Jun 3, 2020
The Way I See It Blog Series: In Praise of a Dog
My name is Marlene Cust. I am a senior citizen, and legally blind due to retinitis pigmentosa (RP) and age-related macular degeneration (AMD). In my writing, I want to acknowledge both the challenges I face and the positive coping strategies I have developed over time. Blindness is experienced by individuals in unique and various ways. There is no ‘one size fits all!’ Always there is that hope for a cure sometime in the future. In the meantime, for me, hopefulness lies in acting with courage, competence, confidence, and decisiveness every day. My blog entries present living with blindness ‘the way I see it’.
In Praise of a Dog
My dog’s name is Charly. Although Charly is not a guide dog, she has often helped me, metaphorically speaking, find my way. She is an 8-year-old, 15 pound mutt: black with prominent white whiskers and eyebrows, floppy ears, a white chest, white paws, a sharp little brown nose and a long black tail which wags happily when she greets people.
Charly’s breed is anybody’s guess. Many, upon meeting Charly, speculate. “Oh, she’s a schnauzer — look at that beard,” one person declares. Another asserts, “She’s got some dachshund in her for sure, with that long body.” Still another says, “She reminds me a lot of my Jack Russell.” A young boy thinks her face is that of a raccoon.
I rescued Charly and she rescued me. Coming into my life shortly before the unexpected and untimely death of my spouse, she saw me through a period of grief and loss with her comforting presence. During that difficult time, Charly gave me a sense of purpose. I fed her, groomed her, walked her, played with her, gave her affection and received hers in return. The need to care for another being offered me a reason to get up in the morning and do what needed to be done.
Charly contributes significantly to my health and well-being. She encourages me to be physically active and gets me out into nature and green space, which in turn relieves my stress, boosts my mood, and soothes my pain. My friendly Charly often leads me into social interactions I might not otherwise have, giving me a sense of belonging in my community, and diminishing occasional feelings of loneliness and depression. Charly inspires me to be mindful and to live in the moment, to find joy in small things, to enjoy sensory input, to appreciate everyday events, and to follow my heart. In addition, I have read some research studies that document the physical health benefits of dog ownership: improved cardiovascular functioning, lower cholesterol, and decreased blood pressure.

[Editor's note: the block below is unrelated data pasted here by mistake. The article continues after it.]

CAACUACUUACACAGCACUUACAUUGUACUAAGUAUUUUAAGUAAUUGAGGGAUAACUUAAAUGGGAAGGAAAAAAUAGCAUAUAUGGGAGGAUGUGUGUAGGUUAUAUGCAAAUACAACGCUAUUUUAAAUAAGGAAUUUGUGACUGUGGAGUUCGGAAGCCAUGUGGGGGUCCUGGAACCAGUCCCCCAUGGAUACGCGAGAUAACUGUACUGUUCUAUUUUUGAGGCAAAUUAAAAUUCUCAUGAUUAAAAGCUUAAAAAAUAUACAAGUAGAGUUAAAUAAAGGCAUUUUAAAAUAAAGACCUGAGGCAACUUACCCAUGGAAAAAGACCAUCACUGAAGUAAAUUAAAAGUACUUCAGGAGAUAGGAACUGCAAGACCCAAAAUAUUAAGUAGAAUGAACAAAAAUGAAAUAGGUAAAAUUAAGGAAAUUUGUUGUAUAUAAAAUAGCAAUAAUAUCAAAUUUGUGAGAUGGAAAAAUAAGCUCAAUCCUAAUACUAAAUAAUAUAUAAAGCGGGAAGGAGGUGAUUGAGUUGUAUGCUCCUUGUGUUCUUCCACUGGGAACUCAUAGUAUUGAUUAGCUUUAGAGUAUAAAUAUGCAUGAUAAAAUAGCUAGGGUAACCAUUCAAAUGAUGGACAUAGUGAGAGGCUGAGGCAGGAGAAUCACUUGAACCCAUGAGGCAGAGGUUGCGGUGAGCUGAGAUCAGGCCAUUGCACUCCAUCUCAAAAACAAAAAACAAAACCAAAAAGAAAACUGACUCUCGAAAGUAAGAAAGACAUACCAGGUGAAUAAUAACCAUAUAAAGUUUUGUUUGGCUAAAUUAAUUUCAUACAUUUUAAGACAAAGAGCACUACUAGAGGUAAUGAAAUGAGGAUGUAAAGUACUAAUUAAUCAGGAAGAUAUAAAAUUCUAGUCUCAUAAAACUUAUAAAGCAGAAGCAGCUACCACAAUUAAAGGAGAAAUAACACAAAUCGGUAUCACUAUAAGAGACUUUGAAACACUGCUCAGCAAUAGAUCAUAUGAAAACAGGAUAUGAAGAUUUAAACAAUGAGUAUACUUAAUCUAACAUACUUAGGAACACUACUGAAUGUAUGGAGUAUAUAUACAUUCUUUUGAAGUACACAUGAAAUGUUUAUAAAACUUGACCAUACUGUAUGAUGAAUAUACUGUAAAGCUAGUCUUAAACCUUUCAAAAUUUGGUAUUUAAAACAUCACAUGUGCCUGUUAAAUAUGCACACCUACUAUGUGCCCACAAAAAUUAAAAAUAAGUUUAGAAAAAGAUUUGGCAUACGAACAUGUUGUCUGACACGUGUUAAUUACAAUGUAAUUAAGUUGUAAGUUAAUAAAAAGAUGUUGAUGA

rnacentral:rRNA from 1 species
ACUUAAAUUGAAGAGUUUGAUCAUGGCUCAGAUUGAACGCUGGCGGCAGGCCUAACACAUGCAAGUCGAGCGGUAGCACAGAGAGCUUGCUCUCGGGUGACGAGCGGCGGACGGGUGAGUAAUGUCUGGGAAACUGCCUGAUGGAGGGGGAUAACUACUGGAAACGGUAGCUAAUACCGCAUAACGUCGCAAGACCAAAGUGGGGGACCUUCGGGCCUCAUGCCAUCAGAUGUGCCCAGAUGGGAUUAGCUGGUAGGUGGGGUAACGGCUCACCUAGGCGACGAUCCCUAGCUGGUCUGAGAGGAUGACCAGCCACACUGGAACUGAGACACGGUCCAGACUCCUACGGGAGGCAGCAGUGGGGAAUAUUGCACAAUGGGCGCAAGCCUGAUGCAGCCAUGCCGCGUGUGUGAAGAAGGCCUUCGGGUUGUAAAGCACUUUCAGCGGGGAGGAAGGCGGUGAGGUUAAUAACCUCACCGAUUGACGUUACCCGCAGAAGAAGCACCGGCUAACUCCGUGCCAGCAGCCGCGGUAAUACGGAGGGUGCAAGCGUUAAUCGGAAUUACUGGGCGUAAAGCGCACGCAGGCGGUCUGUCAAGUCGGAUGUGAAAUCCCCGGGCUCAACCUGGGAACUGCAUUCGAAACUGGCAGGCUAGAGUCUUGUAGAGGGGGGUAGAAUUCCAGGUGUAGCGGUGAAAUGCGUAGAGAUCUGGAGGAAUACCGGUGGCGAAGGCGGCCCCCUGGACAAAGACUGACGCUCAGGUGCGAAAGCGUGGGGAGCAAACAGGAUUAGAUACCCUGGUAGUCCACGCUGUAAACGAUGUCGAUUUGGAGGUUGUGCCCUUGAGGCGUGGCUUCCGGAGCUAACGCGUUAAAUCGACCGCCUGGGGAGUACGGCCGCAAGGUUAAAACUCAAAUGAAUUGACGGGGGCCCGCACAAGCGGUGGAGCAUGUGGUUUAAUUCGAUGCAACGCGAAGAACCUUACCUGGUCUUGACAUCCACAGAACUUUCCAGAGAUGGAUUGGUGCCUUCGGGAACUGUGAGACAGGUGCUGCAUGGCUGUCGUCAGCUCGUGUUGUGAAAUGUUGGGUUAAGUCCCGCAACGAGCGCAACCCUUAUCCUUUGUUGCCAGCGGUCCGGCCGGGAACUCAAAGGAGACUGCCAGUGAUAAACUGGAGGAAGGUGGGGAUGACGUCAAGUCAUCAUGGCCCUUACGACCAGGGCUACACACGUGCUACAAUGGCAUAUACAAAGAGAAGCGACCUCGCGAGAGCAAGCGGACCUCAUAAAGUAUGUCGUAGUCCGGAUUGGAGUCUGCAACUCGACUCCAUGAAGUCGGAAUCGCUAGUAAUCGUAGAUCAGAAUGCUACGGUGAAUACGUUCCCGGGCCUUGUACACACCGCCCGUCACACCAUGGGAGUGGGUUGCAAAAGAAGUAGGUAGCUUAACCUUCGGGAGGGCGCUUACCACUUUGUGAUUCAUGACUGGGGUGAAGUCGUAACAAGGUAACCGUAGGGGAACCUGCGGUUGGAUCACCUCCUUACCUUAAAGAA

I have learned much from Charly about ‘loosening up,’ letting go, and enjoying my life to the fullest. I think it is fair to say that I have learned many life lessons from my dog. Perhaps my experience is best summed up in the following poem:
“Never pass up the opportunity to go for a joy ride.
Allow the experience of fresh air and the wind in your face to be pure ecstasy. When loved ones come home, always run to greet them.
Run, romp, and play daily.
Never pretend to be something you’re not.
Eat with gusto and enthusiasm.
If what you want lies buried, dig until you find it.
When someone is having a bad day, be silent, sit close by and nuzzle them gently. Thrive on affection and let people touch you – enjoy back rubs and pats on your neck. When you leave your yard, make it an adventure.
Avoid biting when a simple growl will do.
No matter how often you’re scolded, don’t pout – run right back and make friends. Bond with your pack.
On cold nights, curl up in front of a crackling fire.
When you’re excited, speak up.
When you’re happy, dance around and wag your entire body.
Delight in the simple joy of a long walk.
If you stare at someone long enough, eventually you’ll get what you want.
Don’t go out without ID.
Leave room in your schedule for a good nap.
Always give people a friendly greeting.
If it’s not wet and sloppy, it’s not a real kiss.”
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